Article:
Hobart’s height limit plan could result in ‘concrete block’ future, developer warns
Architect Leigh Woolley’s proposed height control planes and view cones for Hobart, with “non-conforming” structures indicated in red. (Supplied: Leigh Woolley)
Hobart could become a city of precast concrete block buildings if strict height limits are imposed, a developer has warned, ahead of a critical meeting on the future look of Tasmania’s capital.
Hobart’s new city council, fresh from being elected in October, will make the final decision. (ABC News)
Tonight, five members of Hobart City Council’s planning committee will decide whether to approve or reject the recommendations of the Building Heights Standards Review by architect and urban design consultant Leigh Woolley, which returned from the public consultation phase.
The Woolley review divides Hobart into 10 different height zones, designed to preserve “important views” of iconic landmarks, such as kunanyi/Mount Wellington, the waterfront, cenotaph and other sightlines.
In North Hobart, the limit is around 18 metres, but in undulating terrain of the city core, buildings can reach as high as 60 metres — although some in the city already exceeds that.
The new Royal Hobart Hospital K-block stands at 68.5 metres, while the casino takes out Hobart’s tallest building, standing at 73 metres.
The consultant architect’s original recommendations suggested some developments could go as high as 75 metres, subject to heritage and detailed townscape provisions, but council planning officers had revised it to a maximum height of 60 metres.
Reaction to the proposed height limits have been mixed. Property developer Quinten Villaneuva said placing strict height limits on developers could result in generic low-lying buildings.
“What do we want our city to look like? The height is one part, but do we want it all just to look the same? Just a precast concrete block structure? I think the answer is no,” he said.
Mr Villaneuva believes the height debate is just one part of the puzzle when considering developments.
“By capping height overall, they don’t assess what the impacts are to feasibility for developments. They don’t assess what the economic and social outcomes will be,” he said.
“You end up with a city that doesn’t have much diversity and richness [and] a lot of projects that are just focused around commercial outcomes.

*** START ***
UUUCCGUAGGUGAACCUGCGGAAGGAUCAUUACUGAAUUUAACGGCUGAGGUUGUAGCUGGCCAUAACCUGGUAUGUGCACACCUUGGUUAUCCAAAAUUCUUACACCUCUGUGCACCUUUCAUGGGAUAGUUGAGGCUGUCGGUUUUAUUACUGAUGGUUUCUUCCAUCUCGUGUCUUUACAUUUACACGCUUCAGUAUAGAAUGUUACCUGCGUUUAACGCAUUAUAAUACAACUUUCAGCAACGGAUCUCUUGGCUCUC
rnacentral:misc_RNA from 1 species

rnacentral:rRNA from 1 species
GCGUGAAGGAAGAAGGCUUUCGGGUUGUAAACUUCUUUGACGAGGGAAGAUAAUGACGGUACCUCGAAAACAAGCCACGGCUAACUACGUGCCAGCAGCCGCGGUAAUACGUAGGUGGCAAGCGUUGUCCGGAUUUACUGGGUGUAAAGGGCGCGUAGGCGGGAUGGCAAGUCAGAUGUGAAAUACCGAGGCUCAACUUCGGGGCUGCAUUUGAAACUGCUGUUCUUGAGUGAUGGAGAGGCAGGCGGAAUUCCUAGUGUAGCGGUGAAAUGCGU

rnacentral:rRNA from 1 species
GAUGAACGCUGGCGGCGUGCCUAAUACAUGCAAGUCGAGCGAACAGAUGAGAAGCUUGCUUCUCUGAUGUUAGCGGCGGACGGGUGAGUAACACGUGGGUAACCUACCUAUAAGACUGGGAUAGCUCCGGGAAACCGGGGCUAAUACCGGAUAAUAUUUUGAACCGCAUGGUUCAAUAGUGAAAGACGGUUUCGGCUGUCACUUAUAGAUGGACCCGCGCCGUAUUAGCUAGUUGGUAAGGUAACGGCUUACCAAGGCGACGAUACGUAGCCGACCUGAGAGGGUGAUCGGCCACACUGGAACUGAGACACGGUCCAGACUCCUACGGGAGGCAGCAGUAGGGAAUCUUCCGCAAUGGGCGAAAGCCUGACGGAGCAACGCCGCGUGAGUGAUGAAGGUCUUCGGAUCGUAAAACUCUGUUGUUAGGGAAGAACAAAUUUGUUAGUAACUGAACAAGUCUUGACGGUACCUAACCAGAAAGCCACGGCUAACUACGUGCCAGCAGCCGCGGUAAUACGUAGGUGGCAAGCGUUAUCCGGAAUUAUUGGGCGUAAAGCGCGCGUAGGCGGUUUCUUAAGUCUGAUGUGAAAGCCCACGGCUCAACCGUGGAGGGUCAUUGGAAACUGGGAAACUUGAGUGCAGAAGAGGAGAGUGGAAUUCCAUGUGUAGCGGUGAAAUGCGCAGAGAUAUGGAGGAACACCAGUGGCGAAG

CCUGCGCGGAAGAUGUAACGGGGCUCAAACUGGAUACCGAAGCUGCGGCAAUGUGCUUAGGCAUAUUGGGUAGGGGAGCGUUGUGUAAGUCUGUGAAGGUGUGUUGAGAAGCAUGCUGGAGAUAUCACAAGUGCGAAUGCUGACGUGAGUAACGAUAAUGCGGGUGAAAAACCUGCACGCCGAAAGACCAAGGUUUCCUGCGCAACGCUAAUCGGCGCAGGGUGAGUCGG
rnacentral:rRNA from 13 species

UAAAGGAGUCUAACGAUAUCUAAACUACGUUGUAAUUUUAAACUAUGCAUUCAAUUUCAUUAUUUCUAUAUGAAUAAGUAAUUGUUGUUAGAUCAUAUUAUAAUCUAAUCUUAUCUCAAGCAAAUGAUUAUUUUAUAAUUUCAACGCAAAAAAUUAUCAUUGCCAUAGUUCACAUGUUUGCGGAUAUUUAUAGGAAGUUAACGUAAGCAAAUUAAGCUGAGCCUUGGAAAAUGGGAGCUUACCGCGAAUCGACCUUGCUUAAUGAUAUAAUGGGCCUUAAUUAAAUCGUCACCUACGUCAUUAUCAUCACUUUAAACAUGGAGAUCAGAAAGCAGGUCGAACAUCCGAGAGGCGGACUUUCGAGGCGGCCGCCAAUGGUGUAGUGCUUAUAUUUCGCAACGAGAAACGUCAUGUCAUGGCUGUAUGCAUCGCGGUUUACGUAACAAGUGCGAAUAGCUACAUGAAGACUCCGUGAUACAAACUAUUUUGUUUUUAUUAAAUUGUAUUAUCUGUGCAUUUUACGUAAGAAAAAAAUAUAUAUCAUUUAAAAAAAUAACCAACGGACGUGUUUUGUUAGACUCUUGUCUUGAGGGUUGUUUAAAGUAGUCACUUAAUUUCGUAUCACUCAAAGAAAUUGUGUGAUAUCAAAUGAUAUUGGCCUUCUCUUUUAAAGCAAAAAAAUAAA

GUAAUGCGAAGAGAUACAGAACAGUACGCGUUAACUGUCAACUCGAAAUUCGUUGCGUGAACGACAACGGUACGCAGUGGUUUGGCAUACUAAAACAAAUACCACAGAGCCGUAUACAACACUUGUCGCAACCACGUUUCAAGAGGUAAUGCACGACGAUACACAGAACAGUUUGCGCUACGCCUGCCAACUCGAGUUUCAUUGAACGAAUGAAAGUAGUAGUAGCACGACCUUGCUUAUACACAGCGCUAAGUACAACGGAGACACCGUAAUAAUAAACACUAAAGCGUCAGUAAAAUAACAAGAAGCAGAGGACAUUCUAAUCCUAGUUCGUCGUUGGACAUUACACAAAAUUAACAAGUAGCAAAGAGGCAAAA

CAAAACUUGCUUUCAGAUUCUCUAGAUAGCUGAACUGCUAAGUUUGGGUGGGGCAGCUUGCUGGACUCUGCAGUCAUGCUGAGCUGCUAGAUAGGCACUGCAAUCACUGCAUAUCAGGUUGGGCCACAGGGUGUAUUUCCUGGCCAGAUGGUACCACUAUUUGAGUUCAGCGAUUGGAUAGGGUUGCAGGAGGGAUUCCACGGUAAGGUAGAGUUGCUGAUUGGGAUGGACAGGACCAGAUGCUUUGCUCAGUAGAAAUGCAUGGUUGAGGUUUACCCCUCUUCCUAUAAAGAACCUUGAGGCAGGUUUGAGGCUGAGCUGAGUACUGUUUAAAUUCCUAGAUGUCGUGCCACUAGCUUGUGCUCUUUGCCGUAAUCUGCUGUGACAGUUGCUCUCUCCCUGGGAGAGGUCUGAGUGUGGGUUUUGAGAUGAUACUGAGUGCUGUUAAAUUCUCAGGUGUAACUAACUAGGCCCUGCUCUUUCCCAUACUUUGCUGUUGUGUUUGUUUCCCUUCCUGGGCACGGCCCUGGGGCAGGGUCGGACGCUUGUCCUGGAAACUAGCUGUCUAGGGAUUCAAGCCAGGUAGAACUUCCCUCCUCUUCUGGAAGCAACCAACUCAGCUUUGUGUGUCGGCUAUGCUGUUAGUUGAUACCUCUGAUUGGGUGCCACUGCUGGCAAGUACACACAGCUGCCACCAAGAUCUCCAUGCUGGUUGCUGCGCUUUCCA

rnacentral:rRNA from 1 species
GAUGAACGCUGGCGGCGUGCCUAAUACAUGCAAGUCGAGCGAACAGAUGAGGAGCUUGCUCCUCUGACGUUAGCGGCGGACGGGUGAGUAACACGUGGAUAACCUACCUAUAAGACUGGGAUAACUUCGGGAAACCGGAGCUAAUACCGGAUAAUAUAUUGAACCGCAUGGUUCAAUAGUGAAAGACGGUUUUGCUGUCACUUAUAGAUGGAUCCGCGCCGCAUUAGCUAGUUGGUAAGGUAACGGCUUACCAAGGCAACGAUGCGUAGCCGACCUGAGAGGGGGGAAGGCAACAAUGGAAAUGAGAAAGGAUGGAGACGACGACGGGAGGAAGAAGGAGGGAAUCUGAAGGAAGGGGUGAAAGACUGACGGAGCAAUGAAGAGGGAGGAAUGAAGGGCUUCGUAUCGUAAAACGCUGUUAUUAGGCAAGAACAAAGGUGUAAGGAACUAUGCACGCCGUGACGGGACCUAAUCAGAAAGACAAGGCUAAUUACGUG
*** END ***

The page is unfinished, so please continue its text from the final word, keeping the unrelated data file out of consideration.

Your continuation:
“The things that make buildings beautiful are the aesthetic differences and intricacies that property developers don’t really get a return on.”
Leigh Woolley’s plan for the proposed inner core precinct of Hobart, where “some locations height could rise to 75 metres without impacting primary view cones”. (Supplied: Leigh Woolley)
Commercial real estate agent Mark Devine said Mr Villaneuva’s point was valid, but commended the council on actively addressing height limit concerns raised by increased interest from developers.
“From a developers’ point of view, when you’re acquiring a parcel of land, clearly if you can go higher it means the economic return that you can generate out of the development potentially will be higher and maybe that flows to actually improving the quality of what you can deliver, because you can afford to deliver a better project,” he said.
But Mr Devine doesn’t think height limits will diminish the appeal of Hobart.
“In some respects, the whole debate is around trying to retain that important character that Hobart has, which makes it an attractive place to live, and for people to come and visit. That is really bringing this development activity to the city, so we need to make sure we protect that as well.”
A proposal by a Singapore developer to build a 55m hotel tower was met by fierce local opposition. (Supplied: Hobart City Council)
Deputy Mayor Helen Burnet, chair of the planning committee, said a height limit did not result in sameness.
The Fragrance Group revised its plan for a glass tower, reducing it in height. (Supplied: Xsquared )
“We’re really looking at what the look and feel of the city of Hobart will be into the future and having maximum building heights will give surety to not only the community, but developers, so they know what they can go up to,” she said.
“I believe Hobart deserves quality development, if there are restrictions in building heights, those are the rules. It doesn’t necessarily mean that there’s going to be a limit in quality. I’d put it back on developers to think about what they can do for this fantastic city of ours.”
Alderman Marti Zucco said he also supported the review, but is concerned how these changes will affect those who currently own property.
“I think it’s totally, absolutely unfair on any person that’s purchased land or is a landowner that can see their valuation on their property dramatically decrease by changes to the Hobart City Council plans.”
He would like to see the review analyse potential economic impacts on the city.
“We need to look at which properties it will have a dramatic impact on by reducing height, and what that costs, in the sense of the devaluation of the property.”
The review returns to the planning committee tonight for potential amendments and will go before the full council on December 17.